Among those who exercise on a regular basis, some choose to work out first thing in the morning before eating and some never go on an empty stomach. Those in the former group may find they have more company soon because the results of a new study show the timing of your meals in relation to exercise can have a “profound and positive” effect on the outcome.
Researchers from the Universities of Bath and Birmingham in England found men who worked out before breakfast burned twice as much fat as those who ate first. The workout before breakfast scenario also yielded better results in the control of blood sugar levels.
The report published in the Journal of Clinical Endocrinology and Metabolism detailed how 30 men classified as obese or overweight were studied over a six-week period. Some exercised before breakfast and some afterward. Their results were compared to a control group that made no changes to their lifestyle.
Scientists wanted to build on evidence from other studies indicating the timing of meals can have an impact on the effectiveness of exercise. They found the additional fat burning was as a result of lower insulin levels from the participants having fasted overnight. That meant their bodies used more fat from their fat tissue and from their muscles as fuel.
"Our results suggest that changing the timing of when you eat in relation to when you exercise can bring about profound and positive changes to your overall health,” said Dr. Javier Gonzalez. "We found that the men in the study who exercised before breakfast burned double the amount of fat than the group who exercised after.”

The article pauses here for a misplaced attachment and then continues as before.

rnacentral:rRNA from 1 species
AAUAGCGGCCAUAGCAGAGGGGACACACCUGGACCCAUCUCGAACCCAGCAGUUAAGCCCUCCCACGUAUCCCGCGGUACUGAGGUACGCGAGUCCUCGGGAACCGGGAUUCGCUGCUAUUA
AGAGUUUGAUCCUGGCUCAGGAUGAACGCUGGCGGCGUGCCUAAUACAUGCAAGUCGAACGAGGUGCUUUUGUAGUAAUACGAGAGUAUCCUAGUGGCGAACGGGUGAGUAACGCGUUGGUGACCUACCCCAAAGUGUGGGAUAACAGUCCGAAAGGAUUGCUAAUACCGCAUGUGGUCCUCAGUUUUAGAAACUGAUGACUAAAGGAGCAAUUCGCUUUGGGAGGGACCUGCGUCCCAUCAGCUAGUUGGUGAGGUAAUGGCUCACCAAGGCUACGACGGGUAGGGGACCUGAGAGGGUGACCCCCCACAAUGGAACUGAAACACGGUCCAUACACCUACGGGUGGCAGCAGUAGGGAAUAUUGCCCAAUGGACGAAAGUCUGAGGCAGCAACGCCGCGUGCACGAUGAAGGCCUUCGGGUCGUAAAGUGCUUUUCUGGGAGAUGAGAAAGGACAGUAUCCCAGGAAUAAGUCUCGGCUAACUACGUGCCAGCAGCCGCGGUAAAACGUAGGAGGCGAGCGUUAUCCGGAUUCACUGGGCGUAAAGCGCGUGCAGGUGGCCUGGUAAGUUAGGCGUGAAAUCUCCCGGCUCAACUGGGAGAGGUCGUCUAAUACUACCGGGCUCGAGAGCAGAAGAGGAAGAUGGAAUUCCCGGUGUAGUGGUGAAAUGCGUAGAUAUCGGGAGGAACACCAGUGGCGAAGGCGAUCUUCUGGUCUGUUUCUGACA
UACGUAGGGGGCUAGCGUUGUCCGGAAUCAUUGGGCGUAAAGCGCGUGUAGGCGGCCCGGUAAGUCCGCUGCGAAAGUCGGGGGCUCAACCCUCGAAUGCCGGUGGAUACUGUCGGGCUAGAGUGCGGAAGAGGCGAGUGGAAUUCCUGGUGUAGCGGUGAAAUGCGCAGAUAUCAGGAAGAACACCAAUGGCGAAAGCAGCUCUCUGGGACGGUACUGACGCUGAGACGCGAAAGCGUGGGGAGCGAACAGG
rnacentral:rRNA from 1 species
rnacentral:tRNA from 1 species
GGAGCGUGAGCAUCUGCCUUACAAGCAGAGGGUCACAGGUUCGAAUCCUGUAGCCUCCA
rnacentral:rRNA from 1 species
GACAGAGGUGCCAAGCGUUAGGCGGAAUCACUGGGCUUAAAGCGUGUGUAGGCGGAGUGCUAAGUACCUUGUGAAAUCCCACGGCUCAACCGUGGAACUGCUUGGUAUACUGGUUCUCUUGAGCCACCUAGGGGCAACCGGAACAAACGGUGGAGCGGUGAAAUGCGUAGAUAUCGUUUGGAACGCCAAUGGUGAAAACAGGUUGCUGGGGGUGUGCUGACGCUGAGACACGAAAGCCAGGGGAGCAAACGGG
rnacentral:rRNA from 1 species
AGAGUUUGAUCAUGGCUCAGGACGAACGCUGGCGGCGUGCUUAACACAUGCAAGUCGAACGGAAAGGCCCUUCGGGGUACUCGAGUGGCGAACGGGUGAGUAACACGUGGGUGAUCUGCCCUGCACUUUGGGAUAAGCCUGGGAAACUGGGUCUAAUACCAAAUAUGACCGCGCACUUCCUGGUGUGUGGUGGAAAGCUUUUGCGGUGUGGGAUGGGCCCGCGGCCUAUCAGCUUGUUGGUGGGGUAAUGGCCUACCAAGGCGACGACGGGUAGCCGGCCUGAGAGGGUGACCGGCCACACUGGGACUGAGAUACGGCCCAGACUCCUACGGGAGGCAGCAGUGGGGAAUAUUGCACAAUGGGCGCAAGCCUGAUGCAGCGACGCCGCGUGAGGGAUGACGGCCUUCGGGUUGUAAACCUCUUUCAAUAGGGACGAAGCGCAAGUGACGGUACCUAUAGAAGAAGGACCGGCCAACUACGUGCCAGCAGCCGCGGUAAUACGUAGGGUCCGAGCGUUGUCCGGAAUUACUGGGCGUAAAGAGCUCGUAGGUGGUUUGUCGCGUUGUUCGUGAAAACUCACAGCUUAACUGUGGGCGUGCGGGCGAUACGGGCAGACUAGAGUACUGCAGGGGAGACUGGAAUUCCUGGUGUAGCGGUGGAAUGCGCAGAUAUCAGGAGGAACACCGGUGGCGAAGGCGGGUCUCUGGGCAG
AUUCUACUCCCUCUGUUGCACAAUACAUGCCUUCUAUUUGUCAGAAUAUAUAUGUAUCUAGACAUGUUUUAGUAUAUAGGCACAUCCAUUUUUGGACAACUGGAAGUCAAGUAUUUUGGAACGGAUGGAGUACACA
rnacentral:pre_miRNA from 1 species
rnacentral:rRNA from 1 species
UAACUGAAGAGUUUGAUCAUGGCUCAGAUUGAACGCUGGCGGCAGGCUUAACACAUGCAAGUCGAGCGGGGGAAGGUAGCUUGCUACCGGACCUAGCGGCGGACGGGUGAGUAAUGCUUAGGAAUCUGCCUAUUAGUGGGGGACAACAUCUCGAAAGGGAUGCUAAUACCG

While there was no difference in total weight loss or conditioning level between the two exercise groups, the ones who exercised before eating decreased their risk for diabetes and heart disease to a greater degree because of better blood sugar control.
"The group who exercised before breakfast increased their ability to respond to insulin, which is all the more remarkable given that both exercise groups lost a similar amount of weight and both gained a similar amount of fitness,” Gonzalez said. “The only difference was the timing of the food intake."
The muscles from those who exercised before breakfast had greater increases in the key proteins involved in transporting glucose than their counterparts. Researchers were surprised to discover even after six weeks of working out those who exercised after breakfast had no better insulin response to eating than those in the control group.
"This work suggests that performing exercise in the overnight-fasted state can increase the health benefits of exercise for individuals, without changing the intensity, duration or perception of their effort,” said study co-author Gareth Wallis. “We now need to explore the longer-term effects of this type of exercise and whether women benefit in the same way as men."
Click here to read more in the Journal of Clinical Endocrinology and Metabolism.